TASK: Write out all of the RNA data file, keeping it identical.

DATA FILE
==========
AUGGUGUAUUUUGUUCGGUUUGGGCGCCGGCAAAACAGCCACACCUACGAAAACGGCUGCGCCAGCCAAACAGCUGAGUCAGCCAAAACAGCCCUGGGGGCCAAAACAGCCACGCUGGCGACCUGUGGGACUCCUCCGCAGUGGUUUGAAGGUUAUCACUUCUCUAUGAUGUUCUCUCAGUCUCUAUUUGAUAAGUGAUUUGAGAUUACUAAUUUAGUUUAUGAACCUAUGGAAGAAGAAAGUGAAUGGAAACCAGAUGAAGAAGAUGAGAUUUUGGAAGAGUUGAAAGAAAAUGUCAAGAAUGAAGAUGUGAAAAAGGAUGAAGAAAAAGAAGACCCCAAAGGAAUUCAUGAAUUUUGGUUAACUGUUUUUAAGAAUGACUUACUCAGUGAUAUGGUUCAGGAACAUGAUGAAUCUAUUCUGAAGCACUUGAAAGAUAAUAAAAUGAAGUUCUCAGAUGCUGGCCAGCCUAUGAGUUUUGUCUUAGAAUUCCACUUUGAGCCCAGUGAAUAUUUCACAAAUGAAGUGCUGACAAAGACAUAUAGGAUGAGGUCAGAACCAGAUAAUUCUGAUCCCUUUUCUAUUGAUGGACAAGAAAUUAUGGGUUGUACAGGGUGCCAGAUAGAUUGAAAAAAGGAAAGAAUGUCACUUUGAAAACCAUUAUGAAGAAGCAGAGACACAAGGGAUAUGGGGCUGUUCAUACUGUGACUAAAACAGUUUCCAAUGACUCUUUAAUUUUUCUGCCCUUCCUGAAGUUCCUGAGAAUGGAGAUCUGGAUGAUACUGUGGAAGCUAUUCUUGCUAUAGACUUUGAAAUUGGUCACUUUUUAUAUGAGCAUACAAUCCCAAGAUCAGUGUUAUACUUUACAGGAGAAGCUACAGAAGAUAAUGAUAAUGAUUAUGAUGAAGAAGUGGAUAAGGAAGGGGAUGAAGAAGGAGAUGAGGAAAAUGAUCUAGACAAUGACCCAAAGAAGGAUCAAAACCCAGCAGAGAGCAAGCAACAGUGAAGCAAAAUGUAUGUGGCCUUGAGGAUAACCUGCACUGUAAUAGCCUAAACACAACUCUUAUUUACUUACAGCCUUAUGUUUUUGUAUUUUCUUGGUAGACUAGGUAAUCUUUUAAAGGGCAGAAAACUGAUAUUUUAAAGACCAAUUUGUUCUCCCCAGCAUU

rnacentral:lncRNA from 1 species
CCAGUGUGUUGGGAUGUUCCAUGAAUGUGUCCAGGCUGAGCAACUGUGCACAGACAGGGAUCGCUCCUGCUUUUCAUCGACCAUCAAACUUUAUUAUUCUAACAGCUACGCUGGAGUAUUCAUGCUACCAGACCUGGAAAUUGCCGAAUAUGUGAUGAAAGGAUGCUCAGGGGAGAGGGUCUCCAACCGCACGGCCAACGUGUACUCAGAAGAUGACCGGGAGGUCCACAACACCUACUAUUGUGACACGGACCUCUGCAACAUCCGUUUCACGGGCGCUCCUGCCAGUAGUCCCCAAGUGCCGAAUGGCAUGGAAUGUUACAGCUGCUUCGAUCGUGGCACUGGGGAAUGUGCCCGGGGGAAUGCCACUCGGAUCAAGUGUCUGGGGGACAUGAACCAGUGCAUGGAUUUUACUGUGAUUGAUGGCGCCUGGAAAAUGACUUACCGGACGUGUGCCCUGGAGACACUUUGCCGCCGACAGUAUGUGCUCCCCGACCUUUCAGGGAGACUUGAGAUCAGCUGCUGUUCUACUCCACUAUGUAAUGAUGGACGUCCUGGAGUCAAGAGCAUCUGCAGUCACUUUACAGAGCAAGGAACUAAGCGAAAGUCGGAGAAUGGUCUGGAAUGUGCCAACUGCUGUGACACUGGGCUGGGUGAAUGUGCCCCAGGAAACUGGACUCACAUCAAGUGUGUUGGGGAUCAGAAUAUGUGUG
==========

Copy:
AUGGUGUAUUUUGUUCGGUUUGGGCGCCGGCAAAACAGCCACACCUACGAAAACGGCUGCGCCAGCCAAACAGCUGAGUCAGCCAAAACAGCCCUGGGGGCCAAAACAGCCACGCUGGCGACCUGUGGGACUCCUCCGCAGUGGUUUGAAGGUUAUCACUUCUCUAUGAUGUUCUCUCAGUCUCUAUUUGAUAAGUGAUUUGAGAUUACUAAUUUAGUUUAUGAACCUAUGGAAGAAGAAAGUGAAUGGAAACCAGAUGAAGAAGAUGAGAUUUUGGAAGAGUUGAAAGAAAAUGUCAAGAAUGAAGAUGUGAAAAAGGAUGAAGAAAAAGAAGACCCCAAAGGAAUUCAUGAAUUUUGGUUAACUGUUUUUAAGAAUGACUUACUCAGUGAUAUGGUUCAGGAACAUGAUGAAUCUAUUCUGAAGCACUUGAAAGAUAAUAAAAUGAAGUUCUCAGAUGCUGGCCAGCCUAUGAGUUUUGUCUUAGAAUUCCACUUUGAGCCCAGUGAAUAUUUCACAAAUGAAGUGCUGACAAAGACAUAUAGGAUGAGGUCAGAACCAGAUAAUUCUGAUCCCUUUUCUAUUGAUGGACAAGAAAUUAUGGGUUGUACAGGGUGCCAGAUAGAUUGAAAAAAGGAAAGAAUGUCACUUUGAAAACCAUUAUGAAGAAGCAGAGACACAAGGGAUAUGGGGCUGUUCAUACUGUGACUAAAACAGUUUCCAAUGACUCUUUAAUUUUUCUGCCCUUCCUGAAGUUCCUGAGAAUGGAGAUCUGGAUGAUACUGUGGAAGCUAUUCUUGCUAUAGACUUUGAAAUUGGUCACUUUUUAUAUGAGCAUACAAUCCCAAGAUCAGUGUUAUACUUUACAGGAGAAGCUACAGAAGAUAAUGAUAAUGAUUAUGAUGAAGAAGUGGAUAAGGAAGGGGAUGAAGAAGGAGAUGAGGAAAAUGAUCUAGACAAUGACCCAAAGAAGGAUCAAAACCCAGCAGAGAGCAAGCAACAGUGAAGCAAAAUGUAUGUGGCCUUGAGGAUAACCUGCACUGUAAUAGCCUAAACACAACUCUUAUUUACUUACAGCCUUAUGUUUUUGUAUUUUCUUGGUAGACUAGGUAAUCUUUUAAAGGGCAGAAAACUGAUAUUUUAAAGACCAAUUUGUUCUCCCCAGCAUU

rnacentral:lncRNA from 1 species
CCAGUGUGUUGGGAUGUUCCAUGAAUGUGUCCAGGCUGAGCAACUGUGCACAGACAGGGAUCGCUCCUGCUUUUCAUCGACCAUCAAACUUUAUUAUUCUAACAGCUACGCUGGAGUAUUCAUGCUACCAGACCUGGAAAUUGCCGAAUAUGUGAUGAAAGGAUGCUCAGGGGAGAGGGUCUCCAACCGCACGGCCAACGUGUACUCAGAAGAUGACCGGGAGGUCCACAACACCUACUAUUGUGACACGGACCUCUGCAACAUCCGUUUCACGGGCGCUCCUGCCAGUAGUCCCCAAGUGCCGAAUGGCAUGGAAUGUUACAGCUGCUUCGAUCGUGGCACUGGGGAAUGUGCCCGGGGGAAUGCCACUCGGAUCAAGUGUCUGGGGGACAUGAACCAGUGCAUGGAUUUUACUGUGAUUGAUGGCGCCUGGAAAAUGACUUACCGGACGUGUGCCCUGGAGACACUUUGCCGCCGACAGUAUGUGCUCCCCGACCUUUCAGGGAGACUUGAGAUCAGCUGCUGUUCUACUCCACUAUGUAAUGAUGGACGUCCUGGAGUCAAGAGCAUCUGCAGUCACUUUACAGAGCAAGGAACUAAGCGAAAGUCGGAGAAUGGUCUGGAAUGUGCCAACUGCUGUGACACUGGGCUGGGUGAAUGUGCCCCAGGAAACUGGACUCACAUCAAGUGUGUUGGGGAUCAGAAUAUGUGUG